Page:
Women and Violence
Rita J. Simon (Womens Freedom Network and University of Maryland) corrects many of the errors and assumptions of feminist statistics on violence and women to reveal a more accurate picture. Attorneys Richard W. Stevens, Hugo Teufel III and Matthew Y. Biscan cogently argue that women should empower themselves through self-defense with firearms rather than rely on government, which tragically fails millions of victims every year.
Women and Technology
Wendy McElroy challenges the current feminist rejection of the new reproductive technologies, arguing instead for the liberating nature of medical progress in these areas. Lois Copeland, M.D., expresses her frustration at being unable to offer the best medical care and consultation to patients because of governmental interference. Faith Gibson (California College of Midwives) examines how male obstetricians conspired with government regulators to eliminate competition from midwivesdespite the fact that midwives have always had better records of safety than obstetricians (a fact still true today). Janis Cortese (3rd WWWave) explains third-wave feminism, and why a rebellious, pro-technology, pro-sex new generation.
LIBERTY FOR WOMEN is an eye-opening book that vividly charts a new feminism for the 21st century in a highly lucid, provocative, and inspiring way. Choice is the key, and every womans choices and expressions of self-ownership must be equally and legally respected, from housewives to CEOs. Only then can a meaningful debate arise over which choices may be the best ones for women to make freely.
Liberty for Women is likely to provoke both left-wing feminists and right-wing traditionalists. It is lively and provocative and adds immensely to the debate on the role of women in contemporary life.
Linda L. Chavez, President, Center for Equal Opportunity, and former Director, U.S. Commission on Civil Rights
Mainstream feminism long ago ran into a variety of false trails and blind alleys . . . . Liberty for Women offers just the sort of intellectual barbs so sorely needed to jolt a near corpse back into life.
Alexander Cockburn, columnist, The Nation and Los Angeles Times
This outstanding collection of social commentaries and political analyses that make up Liberty for Women reflects the most significant and controversial topics in contemporary gender politics, addressed by some of the best independent minds addressing these issues today. It offers a crash course in progressive positions on women's rights and roles that have not gotten the attention they deserve in women's studies courses. The text's comprehensiveness and accessibility leave no excuse for perpetuation of this gross curricular oversight.
Susan Sarnoff, Professor of Social Work, Ohio University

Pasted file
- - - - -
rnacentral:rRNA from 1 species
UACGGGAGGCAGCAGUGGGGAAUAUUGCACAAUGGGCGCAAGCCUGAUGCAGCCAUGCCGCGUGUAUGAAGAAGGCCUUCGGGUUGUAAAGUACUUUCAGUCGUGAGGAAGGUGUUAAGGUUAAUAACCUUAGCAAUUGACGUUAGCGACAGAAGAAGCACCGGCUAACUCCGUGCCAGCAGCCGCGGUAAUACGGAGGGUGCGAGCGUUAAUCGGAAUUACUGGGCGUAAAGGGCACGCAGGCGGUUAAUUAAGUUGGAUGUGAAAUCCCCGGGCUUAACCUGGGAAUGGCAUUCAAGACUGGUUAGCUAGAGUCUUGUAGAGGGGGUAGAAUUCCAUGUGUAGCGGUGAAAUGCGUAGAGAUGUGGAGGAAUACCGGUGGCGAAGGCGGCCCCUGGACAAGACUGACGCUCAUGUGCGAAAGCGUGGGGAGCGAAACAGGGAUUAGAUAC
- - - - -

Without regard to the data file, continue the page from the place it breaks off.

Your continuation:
A recent collection of articles, Liberty for Women: Freedom and Feminism in the Twenty-First Century, presents a thorough discussion of the ifeminist view. Liberty for Women makes strides in showing that treating women as a separate group in need of protection is demeaning and ultimately harmful to women's interests. In order to persuade readers of their free-market/individualist points of view, the articles' authors must confront the likely response of the other side. For some topics, the authors' logical arguments are buttressed by statistics and anecdotal evidence. For others, however, the reader must take Liberty for Women's arguments on faith. Even so, the book presents arguments that those concerned with women's issues should not dismiss or discount out of hand. . . . Liberty for Women makes powerful and persuasive arguments that should reframe the women's issues policy debate. . . . Ifeminism stands in contrast to radical feminists. Ifeminism attempts to return the feminist movement to its earlier rootsthe ideas of the abolitionist-suffragettescoupled with a modern understanding of how markets work. Ifeminists believe individuals, including women, make the best decisions for themselves and encourage women to 'vigorously oppose all special protections of women... as inherently infantilizing'. . . . Liberty for Women provides convincing evidence that providing women with greater freedom to pursue the literature, work, and self-defense methods of their choice maximizes their welfare. . . . Liberty for Women provides evidence justifying the removal of governmental barriers to women's employment.
Michigan Law Review
There is an unwritten rule among many feminists: Only women on the political left have the right to interpret the lives of women. This unique and important, new book breaks that rule and provides an excellent forum for civil libertarian thinkers. Liberty for Women is a matchless book on the most important issues facing women now and in the future.
Christina Hoff Sommers, Resident Scholar, American Enterprise Institute; author, Who Stole Feminism? How Women Have Betrayed Women
The divisions between libertarian and liberal feminists are not neat or especially consistent (the ideological divides are more readily summarized). Some women champion free markets but not free speech. Some (like me) favor free speech but not free markets. Some, from both camps, want to decriminalize prostitution, while others believe in prohibiting it. Differences like thesethe complexities of womens libinvigorate this important book, Liberty for Women. Few feminists will agree with every contribution to it; the contributors probably disagree fairly often with each other. But they share a love of liberty that the feminist movement should have the courage to embrace.